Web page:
This though was for only twelve cycles which I had from April to October in 2013. The thing is if you respond once you're likely to respond to a second course of treatment extending the gains still further. No one is pushing Folfirinox as all the drugs are off patent but it remains the best hope for many people with this disease.

You aren't sure to get a good response, the side effects can be toxic and at the end of the day it's your decision. But I think you owe it to yourself to give it a try.

Edit: Having reread the trial I see that "The median number of treatment cycles administered was 10 (range, 1 to 47) in the FOLFIRINOX group and 6 (range, 1 to 26) in the gemcitabine group"

Mark
Last edited by MSH on Tue Feb 24, 2015 2:26 pm, edited 1 time in total.

J_T
Posts: 954
Joined: Sun Mar 24, 2013 8:15 am

Re: Hi my story

Postby J_T » Tue Feb 24, 2015 10:57 am

Great post Mark and glad to hear you are still responding well and enjoying life to the fullest. Long may it continue. Your walking holiday sounds fab!

Best wishes
Julia x

PCUK Nurse Jeni
Posts: 1106
Joined: Mon Jun 14, 2010 1:30 pm

Re: Hi my story

Postby PCUK Nurse Jeni » Tue Feb 24, 2015 2:55 pm

Hi All,

Leila, Mark, Sandra, Didge - some brilliant replies there for Graham, and I just want to commend you all for the balanced approach you have shown here. It has highlighted the sheer tenacity of some of you, and your loved ones of course. To be honest, I felt quite "proud" after reading these replies (not that I can be proud, but you know what I mean!) - it shows the depth of knowledge and more than this, experience, which you all have, and as you have said, you are still here proving statistics wrong. And this is the best bit!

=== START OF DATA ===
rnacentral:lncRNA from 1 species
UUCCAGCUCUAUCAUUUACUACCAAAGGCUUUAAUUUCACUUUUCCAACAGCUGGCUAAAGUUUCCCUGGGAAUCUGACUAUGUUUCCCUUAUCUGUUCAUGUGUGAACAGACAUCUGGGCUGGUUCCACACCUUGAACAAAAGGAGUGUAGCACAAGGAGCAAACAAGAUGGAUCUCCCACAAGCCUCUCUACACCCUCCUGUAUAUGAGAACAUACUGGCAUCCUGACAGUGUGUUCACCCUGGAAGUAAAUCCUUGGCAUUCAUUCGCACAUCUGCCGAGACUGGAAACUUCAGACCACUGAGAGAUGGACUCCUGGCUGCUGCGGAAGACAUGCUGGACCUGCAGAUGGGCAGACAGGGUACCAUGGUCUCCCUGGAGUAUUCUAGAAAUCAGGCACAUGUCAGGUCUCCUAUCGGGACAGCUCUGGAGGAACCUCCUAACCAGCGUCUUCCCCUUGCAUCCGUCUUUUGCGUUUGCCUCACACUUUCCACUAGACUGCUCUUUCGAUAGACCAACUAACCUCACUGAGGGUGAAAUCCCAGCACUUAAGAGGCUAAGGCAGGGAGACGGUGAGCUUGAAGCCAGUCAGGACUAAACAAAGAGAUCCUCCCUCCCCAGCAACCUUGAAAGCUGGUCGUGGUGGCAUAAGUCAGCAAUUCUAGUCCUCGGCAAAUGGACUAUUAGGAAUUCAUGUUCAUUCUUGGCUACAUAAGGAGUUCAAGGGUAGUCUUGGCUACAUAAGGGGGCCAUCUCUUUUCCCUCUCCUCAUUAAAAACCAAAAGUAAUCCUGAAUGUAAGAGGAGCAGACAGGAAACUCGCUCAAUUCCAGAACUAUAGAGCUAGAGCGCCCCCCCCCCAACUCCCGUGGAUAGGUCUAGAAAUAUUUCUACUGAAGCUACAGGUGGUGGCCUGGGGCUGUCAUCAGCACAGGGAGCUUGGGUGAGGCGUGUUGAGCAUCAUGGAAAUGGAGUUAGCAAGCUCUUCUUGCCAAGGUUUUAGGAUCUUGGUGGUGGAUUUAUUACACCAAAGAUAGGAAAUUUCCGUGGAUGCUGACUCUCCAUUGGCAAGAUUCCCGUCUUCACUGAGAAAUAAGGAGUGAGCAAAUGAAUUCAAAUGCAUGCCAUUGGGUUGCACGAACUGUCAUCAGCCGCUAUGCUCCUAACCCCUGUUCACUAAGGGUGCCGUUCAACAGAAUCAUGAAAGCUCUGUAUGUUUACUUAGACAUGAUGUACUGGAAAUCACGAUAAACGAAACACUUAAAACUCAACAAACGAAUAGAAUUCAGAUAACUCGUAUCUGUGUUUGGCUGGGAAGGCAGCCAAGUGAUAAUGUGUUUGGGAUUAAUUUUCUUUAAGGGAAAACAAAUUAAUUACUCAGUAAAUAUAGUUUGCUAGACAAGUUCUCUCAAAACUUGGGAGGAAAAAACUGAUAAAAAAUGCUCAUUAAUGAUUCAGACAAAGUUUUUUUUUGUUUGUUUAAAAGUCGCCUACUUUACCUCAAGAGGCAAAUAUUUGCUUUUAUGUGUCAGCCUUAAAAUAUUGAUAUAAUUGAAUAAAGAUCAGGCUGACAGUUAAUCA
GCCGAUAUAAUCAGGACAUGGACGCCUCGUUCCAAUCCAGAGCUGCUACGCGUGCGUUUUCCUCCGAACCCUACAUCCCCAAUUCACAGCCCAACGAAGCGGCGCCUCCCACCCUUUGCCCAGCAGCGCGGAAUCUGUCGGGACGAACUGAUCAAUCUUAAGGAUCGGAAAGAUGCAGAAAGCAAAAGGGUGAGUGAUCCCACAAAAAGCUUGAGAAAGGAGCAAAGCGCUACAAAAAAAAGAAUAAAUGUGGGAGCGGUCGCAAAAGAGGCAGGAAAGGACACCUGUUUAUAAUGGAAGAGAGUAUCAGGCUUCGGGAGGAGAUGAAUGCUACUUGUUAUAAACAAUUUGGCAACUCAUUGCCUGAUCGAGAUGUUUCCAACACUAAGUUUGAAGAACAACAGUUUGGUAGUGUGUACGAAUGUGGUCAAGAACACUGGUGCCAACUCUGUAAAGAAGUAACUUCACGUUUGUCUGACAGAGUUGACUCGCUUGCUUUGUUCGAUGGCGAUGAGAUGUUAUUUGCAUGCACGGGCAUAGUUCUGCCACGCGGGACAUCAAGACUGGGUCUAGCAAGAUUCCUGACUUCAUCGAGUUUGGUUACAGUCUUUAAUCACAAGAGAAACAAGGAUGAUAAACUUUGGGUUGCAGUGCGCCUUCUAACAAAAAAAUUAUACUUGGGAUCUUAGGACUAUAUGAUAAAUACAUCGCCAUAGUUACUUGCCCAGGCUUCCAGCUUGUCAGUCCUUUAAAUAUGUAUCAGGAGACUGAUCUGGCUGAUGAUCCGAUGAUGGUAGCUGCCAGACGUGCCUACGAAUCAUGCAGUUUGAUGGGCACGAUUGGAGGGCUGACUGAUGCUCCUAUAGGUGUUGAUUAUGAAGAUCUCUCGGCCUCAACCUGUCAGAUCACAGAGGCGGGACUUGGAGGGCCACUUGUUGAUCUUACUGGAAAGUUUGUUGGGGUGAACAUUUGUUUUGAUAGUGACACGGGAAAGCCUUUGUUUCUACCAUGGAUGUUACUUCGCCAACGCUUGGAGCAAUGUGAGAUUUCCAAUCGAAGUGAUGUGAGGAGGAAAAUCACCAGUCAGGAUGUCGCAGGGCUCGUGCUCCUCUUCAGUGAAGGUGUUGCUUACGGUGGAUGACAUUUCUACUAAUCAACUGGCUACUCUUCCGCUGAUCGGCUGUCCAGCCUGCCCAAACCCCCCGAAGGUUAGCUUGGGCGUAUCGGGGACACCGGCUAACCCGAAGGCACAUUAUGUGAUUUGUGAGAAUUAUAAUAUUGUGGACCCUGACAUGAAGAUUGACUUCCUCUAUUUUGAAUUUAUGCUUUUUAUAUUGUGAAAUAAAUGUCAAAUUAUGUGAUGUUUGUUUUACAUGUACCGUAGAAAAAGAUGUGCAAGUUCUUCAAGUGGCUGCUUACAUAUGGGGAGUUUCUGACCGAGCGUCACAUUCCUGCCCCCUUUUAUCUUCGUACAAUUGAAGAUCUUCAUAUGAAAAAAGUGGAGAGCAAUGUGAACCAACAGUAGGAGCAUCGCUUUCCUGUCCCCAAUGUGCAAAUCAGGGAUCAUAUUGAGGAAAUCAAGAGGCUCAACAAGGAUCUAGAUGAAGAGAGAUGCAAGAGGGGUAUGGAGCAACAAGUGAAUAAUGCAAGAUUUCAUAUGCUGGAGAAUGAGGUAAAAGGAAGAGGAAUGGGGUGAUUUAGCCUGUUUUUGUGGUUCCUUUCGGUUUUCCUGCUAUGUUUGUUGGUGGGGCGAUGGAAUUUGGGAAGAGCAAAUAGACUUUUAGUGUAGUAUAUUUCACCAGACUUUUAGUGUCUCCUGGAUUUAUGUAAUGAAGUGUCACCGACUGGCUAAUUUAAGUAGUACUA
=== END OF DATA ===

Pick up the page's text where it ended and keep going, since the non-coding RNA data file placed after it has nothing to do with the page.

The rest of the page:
Just seeing written down some of the things you/your loved ones have done shows that you can still have some quality times in between it all. I know there are others on here who could comment as well about what they have achieved too. It is fantastic when pancreatic cancer gets put in its place from time to time! And I know its had its tough times for you all, but all I can say is that you are all such inspirations!

Keep fighting folks! Graham, that goes for you too!

Take care, and you know where we are if you need us!

Jeni, Nursing Team.

Fifi

Re: Hi my story

Postby Fifi » Tue Feb 24, 2015 8:37 pm

Just wanted to say how brilliant Mark's post is. It is so positive and so inspirational. Yet honest about the treatment. I really do think for the actual people with this disease to post, is truly amazing. Especially for new people, like Graham, to read.

Leila xx

jay
Posts: 407
Joined: Mon Feb 17, 2014 2:30 pm

Re: Hi my story

Postby jay » Wed Feb 25, 2015 11:07 am

sorry to hear your news Graham so soon after your whipples.The same happened to my husband. Had a suspicious 4mm mass on liver but it never grew after op and was giving 6 months of germicibatane, sorry about spelling. On the chemo he put weight on, did the garden , decorated the computer room, went for 2 hr bike rides, had holiday in York, l we had a lot of good times. In July they decided it had definitely spread and he was going to start fox, he had a stent fitted and got an infection only 1 per cent of people get.
Loads of luck Graham, you are own statistic as you are an individual , hope that makes sense, my husbands consultant always said he never quoted stats because of that reason,
love Jayne
x